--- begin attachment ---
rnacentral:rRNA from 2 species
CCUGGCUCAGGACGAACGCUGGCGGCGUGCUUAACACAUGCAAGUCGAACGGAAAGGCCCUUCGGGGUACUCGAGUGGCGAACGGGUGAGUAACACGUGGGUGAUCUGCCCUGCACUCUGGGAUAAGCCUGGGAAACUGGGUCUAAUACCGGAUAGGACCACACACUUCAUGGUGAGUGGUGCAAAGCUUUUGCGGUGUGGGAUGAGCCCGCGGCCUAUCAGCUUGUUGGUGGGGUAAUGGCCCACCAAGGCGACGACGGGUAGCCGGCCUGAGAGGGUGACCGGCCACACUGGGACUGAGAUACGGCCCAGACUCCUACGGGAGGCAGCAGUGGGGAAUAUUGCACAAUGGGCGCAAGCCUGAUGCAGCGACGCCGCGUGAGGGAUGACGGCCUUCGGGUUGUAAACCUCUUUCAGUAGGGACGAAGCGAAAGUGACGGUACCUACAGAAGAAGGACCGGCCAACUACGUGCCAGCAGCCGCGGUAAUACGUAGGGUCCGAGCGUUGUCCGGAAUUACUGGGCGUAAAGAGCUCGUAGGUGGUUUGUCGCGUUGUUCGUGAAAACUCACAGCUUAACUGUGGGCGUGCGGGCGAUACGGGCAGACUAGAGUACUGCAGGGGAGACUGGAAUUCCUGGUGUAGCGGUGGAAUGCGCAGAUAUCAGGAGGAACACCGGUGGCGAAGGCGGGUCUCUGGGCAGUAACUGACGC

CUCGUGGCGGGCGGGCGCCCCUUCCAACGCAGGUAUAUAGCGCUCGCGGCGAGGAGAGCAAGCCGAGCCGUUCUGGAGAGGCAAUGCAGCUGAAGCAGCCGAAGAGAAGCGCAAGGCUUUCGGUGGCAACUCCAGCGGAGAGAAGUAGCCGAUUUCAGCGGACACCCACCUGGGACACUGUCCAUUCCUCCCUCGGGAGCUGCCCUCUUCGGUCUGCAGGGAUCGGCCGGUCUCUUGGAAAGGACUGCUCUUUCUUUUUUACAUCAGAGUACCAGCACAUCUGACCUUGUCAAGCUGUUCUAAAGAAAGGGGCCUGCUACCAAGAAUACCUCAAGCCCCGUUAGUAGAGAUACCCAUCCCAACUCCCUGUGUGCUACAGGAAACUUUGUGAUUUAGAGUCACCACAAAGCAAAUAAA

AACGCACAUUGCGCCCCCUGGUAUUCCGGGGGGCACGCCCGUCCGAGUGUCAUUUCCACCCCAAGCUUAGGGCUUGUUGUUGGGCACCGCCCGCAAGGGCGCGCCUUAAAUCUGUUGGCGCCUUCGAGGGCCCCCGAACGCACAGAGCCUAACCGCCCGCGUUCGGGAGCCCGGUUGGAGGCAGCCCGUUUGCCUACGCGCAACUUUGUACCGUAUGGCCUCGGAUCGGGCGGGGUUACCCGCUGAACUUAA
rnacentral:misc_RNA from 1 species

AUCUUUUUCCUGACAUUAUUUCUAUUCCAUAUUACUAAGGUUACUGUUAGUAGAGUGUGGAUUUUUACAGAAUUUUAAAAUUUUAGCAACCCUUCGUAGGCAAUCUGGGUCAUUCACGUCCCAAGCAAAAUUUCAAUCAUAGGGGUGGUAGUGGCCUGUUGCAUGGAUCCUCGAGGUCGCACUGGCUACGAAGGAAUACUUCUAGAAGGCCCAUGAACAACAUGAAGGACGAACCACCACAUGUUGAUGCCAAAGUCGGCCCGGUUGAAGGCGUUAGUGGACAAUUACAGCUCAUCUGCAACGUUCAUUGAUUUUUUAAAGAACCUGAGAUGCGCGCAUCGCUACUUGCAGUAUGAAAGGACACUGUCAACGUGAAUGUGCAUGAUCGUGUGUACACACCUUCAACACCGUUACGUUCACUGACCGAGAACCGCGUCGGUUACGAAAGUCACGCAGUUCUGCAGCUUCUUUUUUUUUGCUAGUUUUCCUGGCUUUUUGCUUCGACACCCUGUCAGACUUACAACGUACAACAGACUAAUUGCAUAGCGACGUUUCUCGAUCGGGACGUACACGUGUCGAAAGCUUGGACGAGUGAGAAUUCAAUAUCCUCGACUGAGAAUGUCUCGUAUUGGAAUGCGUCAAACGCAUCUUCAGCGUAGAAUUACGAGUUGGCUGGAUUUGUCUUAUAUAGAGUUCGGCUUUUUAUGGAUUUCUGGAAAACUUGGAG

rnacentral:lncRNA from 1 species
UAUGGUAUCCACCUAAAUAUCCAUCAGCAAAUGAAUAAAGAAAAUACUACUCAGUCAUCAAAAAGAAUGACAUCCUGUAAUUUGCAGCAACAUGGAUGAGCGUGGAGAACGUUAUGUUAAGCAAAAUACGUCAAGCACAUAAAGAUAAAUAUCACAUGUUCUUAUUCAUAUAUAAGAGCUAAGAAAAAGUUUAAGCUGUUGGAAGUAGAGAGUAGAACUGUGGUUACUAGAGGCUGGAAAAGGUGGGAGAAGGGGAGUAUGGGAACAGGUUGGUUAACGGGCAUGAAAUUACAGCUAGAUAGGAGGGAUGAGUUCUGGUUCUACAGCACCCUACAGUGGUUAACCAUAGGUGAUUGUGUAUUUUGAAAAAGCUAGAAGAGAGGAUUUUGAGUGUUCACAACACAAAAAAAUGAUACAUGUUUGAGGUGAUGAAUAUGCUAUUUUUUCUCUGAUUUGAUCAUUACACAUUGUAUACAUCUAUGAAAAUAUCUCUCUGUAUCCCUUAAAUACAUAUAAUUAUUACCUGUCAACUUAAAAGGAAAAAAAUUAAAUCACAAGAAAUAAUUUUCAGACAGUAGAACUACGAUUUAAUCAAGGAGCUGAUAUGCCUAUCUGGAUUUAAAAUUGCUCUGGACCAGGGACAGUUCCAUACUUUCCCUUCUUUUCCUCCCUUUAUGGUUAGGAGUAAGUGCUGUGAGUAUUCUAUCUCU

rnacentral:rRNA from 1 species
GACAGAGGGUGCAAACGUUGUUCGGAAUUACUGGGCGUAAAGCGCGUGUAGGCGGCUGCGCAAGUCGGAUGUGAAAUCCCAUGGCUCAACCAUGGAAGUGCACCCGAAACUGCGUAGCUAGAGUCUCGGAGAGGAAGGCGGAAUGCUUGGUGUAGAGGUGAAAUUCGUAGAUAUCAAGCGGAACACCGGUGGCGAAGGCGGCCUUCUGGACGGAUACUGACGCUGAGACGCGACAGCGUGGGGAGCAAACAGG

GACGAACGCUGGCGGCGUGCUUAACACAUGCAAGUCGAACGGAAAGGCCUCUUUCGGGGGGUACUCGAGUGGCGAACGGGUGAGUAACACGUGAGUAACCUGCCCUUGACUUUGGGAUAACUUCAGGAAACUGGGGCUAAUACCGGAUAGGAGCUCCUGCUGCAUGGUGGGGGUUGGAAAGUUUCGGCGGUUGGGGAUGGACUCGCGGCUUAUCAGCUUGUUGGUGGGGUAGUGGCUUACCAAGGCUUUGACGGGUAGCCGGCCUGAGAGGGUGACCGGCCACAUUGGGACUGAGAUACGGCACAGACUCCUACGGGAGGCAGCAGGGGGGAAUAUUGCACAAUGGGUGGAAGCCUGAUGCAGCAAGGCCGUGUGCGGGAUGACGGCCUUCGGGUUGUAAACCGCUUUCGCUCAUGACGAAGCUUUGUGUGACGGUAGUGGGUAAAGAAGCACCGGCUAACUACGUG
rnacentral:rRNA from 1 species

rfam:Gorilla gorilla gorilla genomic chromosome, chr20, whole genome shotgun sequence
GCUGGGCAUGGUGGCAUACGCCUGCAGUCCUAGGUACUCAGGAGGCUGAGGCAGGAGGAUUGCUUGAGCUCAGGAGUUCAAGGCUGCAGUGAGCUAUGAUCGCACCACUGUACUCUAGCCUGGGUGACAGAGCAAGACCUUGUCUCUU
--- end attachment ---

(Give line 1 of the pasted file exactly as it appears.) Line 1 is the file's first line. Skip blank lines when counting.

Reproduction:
rnacentral:rRNA from 2 species